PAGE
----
Orientalism gained Said a loyal academic following, but he didn’t agree with popular interpretations of his work (https://www.theguardian.com/news/2003/sep/26/guardianobituaries.highereducation). Said never made a secret of his love for Western ‘high’ culture, and felt that his readers had misinterpreted him, claiming he had dismissed the entire canon of Western literature. Orientalism was also subject to criticism by Sadiq Jalal al-‘Azm and Aijaz Ahmad (see 16.2.2. Critiques of Orientalism). Said’s Marxist critics accused him of enshrining differences between the West and the East as insurmountable; his critique of Orientalism was, in short, ‘Orientalism in reverse’. Said, they argued, had also failed to engage with any knowledge produced outside of Europe and America to make his argument, and reduced his list of citations to a narrow list of Western thinkers (https://www.newyorker.com/magazine/2021/04/26/the-reorientations-of-edward-said).
Both writers disagreed with Said’s characterization of Marx as Eurocentric; instead, they argued that his dismissal of Marxist categories of analysis lent itself to the very imperialist and anti-communist politics he had sought to foreclose, and that his denunciation of Marxism as a Western ideology mirrored the arguments made by right-wing Islamists who sought to ban the teaching of science rule (https://www.lrb.co.uk/the-paper/v43/n09/adam-shatz/palestinianism). The most scathing argument, however, was Ahmad’s claim that Said’s had focused on race instead of class or gender to support his own upward mobility in US academia (https://www.newyorker.com/magazine/2021/04/26/the-reorientations-of-edward-said).
Said addresses some of these criticisms in Culture and Imperialism (1993), a book which provoked impassioned centrist and right-wing responses (https://newleftreview.org/issues/ii24/articles/tariq-ali-remembering-edward-said). Published the same year as Paul Gilroy’s The Black Atlantic (1993), Said’s book pushed back against the liberal triumphalism of Francis Fukuyama that characterized the ‘end of history’ period in liberal thought, and Samuel Huntington’s ‘clash of civilisations’ thesis. Said argues that the imperial encounter is not characterized by a zero-sum clash between two essentially unchanging entities (i.e., the West and the East) as Huntington suggested; rather, it produced what Said called ‘overlapping territories’ and ‘intertwined histories’ (see 16.3.1. ‘Overlapping Territories, Intertwined Histories).
Said develops the method of contrapuntal reading (see Key Concept: Contrapuntal Reading). In classical music, counterpoint is a form in which a polyphonic order arises out of various themes that play off one another, even though no particular one is privileged and there is no formal principle governing the work. When applied to literary texts, counterpoint allows us to read the text through the dominant narrative of the metropolis, while simultaneously paying attention to the histories it acts alongside or erases. In his reading of C.L.R. James’ The Black Jacobins (1938), for example, Said argued that the French and Haitian revolutions were part of the same history (see Chapter 16 on C.L.R. James); they worked together to form a polyphonic whole. Core and periphery, Said suggested, were part of the very same world system, and culture had the power to both sustain and challenge it. Politics and narrative, then, were inseparable.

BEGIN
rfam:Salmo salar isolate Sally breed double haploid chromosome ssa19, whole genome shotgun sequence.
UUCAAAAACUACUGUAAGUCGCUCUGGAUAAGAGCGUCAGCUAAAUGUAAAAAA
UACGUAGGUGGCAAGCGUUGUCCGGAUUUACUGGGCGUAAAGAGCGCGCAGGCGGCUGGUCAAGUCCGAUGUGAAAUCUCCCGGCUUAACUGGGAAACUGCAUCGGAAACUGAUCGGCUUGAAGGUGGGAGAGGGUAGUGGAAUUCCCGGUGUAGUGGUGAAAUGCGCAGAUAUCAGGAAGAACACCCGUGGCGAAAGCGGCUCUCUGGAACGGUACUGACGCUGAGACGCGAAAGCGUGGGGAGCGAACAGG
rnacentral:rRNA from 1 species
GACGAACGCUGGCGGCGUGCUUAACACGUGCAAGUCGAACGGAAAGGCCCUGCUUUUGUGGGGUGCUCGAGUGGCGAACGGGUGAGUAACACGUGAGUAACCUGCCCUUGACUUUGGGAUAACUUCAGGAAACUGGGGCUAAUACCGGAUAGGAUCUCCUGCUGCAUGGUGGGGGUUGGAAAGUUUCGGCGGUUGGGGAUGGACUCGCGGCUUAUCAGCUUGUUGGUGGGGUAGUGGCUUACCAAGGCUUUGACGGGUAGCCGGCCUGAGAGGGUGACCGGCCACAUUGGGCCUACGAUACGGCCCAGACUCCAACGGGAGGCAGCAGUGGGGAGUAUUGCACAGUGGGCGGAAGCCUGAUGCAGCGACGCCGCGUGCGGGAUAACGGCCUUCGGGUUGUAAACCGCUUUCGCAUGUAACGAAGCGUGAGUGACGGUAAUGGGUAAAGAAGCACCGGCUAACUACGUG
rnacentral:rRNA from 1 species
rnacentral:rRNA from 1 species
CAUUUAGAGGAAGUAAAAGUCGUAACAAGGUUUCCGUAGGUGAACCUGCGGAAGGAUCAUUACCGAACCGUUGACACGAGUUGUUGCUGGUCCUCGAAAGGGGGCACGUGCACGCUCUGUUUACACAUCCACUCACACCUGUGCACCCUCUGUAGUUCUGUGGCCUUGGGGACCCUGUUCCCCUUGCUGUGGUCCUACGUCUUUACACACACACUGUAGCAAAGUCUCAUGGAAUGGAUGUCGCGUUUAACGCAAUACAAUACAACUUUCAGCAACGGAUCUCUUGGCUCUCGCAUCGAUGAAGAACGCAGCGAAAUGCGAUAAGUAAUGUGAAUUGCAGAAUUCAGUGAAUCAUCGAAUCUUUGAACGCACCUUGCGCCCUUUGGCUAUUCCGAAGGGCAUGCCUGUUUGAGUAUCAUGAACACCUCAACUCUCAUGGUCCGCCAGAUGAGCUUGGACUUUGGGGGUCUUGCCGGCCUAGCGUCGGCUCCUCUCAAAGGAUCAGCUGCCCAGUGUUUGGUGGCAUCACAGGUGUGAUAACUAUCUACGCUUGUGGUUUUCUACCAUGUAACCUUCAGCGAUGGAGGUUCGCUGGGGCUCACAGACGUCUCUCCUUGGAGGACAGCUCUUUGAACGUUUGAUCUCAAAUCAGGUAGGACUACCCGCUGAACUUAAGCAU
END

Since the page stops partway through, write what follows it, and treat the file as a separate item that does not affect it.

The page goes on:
In his writing, he never shied away from conflicts between his intellectual and political affiliations (see 16.4.1. Narrating Palestine). Said was a spokesperson for Palestinian independence, but remained a fierce critic of Arafat and his party (https://newleftreview.org/issues/ii24/articles/tariq-ali-remembering-edward-said). And while he championed Palestinian nationalism, he believed that it also had a dark side; it was a vehicle for liberation which contained the seeds of authoritarianism and supremacism. Said’s first book on Palestine, The Question of Palestine (1979), turned him into one of New York’s leading, but most controversial, public intellectuals (https://www.newyorker.com/magazine/2021/04/26/the-reorientations-of-edward-said). Said believed that intellectuals had a special responsibility to the marginalized, because they stand at a metaphorical distance from society, they are better able to identify with the people and speak up for them. They are, in short, those who speak truth to power (see 16.5. The Intellectual Vocation).
Until his death, Said continued to champion the Palestinian cause. But despite his advocacy for Palestinian independence, he remained a celebrity intellectual and not a freedom fighter (Arafat, for example, saw him as a useful ally in diplomatic matters, but did not fully trust him as one of their own) (https://www.lrb.co.uk/the-paper/v43/n09/adam-shatz/palestinianism). Yet Said was a spokesperson for the oppressed whose role in drawing attention to the struggles of Palestinians cannot be understated. His thought offers a model for how to use the privileged position of the academic to challenge the structural injustices that affect marginalized people in the global south (see 16.6. Conclusion).
Brennan, Timothy, Places of mind: a life of Edward Said, New York: Picador, 2022.
Pankaj Mishra, “The Reorientations of Edward Said”, The New Yorker, 19 April 2021.
Adam Shatz, “Palestinianism”, London Review of Books, 6 May 2021.
Said, Edward, Between Worlds: Reflections on Exile, and Other Essays, Cambridge, MA: Harvard University Press, 2002.